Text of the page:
Economic Developments

U.S. real GDP, increased at a rate of 2.1% in the second quarter, a slowdown 0.1 percentage point from the first quarter. There was a downward revision to consumer spending to 0.1%; spending on durable goods fell 0.3%, while spending on services rose by 1.0%. Real disposable personal income shrank by 0.2%, the second consecutive quarter-on-quarter contraction.

UK GDP grew 0.2% in the second quarter (April to June) and first quarter growth was also revised up to 0.3%. Real GDP is now projected to be 1.8% above pre-pandemic levels, placing the UK’s performance above that of Germany and France.

U.S. Consumer Sentiment ticked down by a slight 1.4 index points in September from the August reading in a survey that was fielded before agreement was reached to avoid a government shutdown. Year-ahead inflation expectations improved to 3.2% from the 3.5% recorded in August and at 2.8%, long-run expectations are nearing the pre-pandemic average.

Euro area headline inflation is estimated to have declined to 4.3% in September from 5.2% in August, while the more closely-watched core number, which excludes energy, food, alcohol and tobacco, is estimated to have fallen to 4.5%. Energy prices were down for the fifth straight month. Annualized service sector inflation slowed to 4.7%.

The major trade data releases from last week were largely positive, or at least indicative of a potential rebound heading into the fall:

  • U.S. advanced August trade figures showed exports up 2.1% over July, adjusted for seasonality but not prices. Imports were down 1.2% month-on-month by the same.

  • Mexico’s August exports increased 3.8% year-on-year, led by non-oil exports to the U.S., which were up 5.2%. Exports to the rest of the world were down 0.1%.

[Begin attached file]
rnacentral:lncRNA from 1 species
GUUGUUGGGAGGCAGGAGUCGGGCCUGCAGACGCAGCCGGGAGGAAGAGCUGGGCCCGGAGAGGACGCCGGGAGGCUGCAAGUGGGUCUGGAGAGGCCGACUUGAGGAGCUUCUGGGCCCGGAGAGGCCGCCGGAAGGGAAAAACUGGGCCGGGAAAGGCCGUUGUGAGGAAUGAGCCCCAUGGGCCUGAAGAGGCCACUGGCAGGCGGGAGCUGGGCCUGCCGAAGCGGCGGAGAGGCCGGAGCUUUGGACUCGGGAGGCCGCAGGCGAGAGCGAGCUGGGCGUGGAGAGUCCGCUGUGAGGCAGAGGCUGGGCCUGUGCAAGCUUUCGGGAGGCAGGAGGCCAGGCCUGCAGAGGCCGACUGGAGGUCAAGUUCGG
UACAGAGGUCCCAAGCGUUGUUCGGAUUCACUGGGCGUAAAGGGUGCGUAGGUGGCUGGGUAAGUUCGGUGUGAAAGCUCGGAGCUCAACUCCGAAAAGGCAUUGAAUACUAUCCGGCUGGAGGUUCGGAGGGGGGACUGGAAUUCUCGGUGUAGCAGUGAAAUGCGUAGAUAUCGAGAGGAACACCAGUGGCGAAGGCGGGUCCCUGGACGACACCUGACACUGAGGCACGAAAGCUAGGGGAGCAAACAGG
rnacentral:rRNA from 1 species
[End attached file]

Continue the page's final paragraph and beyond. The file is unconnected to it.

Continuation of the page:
• South Korea’s September exports increased 5.4% month-on-month, the fifth month-on-month rise in the last six months, although they remained down year-on-year for the eleventh month in a row. Exports to China, its top trading partner, were down 17.6% but shipments to the US (+8.5%) and the EU (6.5%) both rose by the latter measure.

  • Vietnam’s September exports were up 4.6% year-on-year, the first rise by that measure in six months.

Political Developments

By a vote 88-6 the U.S. senate passed HR 5860, a continuing resolution that avoids a government shutdown until at least November 17. Failure to reach an agreement may have resulted in another downgrade of the U.S.’ credit rating.

The European Court of Justice fined the UK €32 million for allowing boats to use a type of diesel that is taxed at a lower rate. The decision sets a potential precedent for other disputes involving taxes and trade between the UK and the EU.

Disclaimer: The contents of this report are made available for informational purposes only and should not be relied upon for any legal, business, or financial decisions. Flexport does not guarantee, represent, or warrant any of the contents of this report because they are based on our current beliefs, expectations, and assumptions, about which there can be no assurance due to various anticipated and unanticipated events that may occur. This report has been prepared to the best of our knowledge and research; however, the information presented herein may not reflect the most current regulatory or industry developments. Neither Flexport nor its advisors or affiliates shall be liable for any losses that arise in any way due to the reliance on the contents contained in this report.

About the Author

phil levy headshot
Phil Levy

Chief Economist, Flexport

October 2, 2023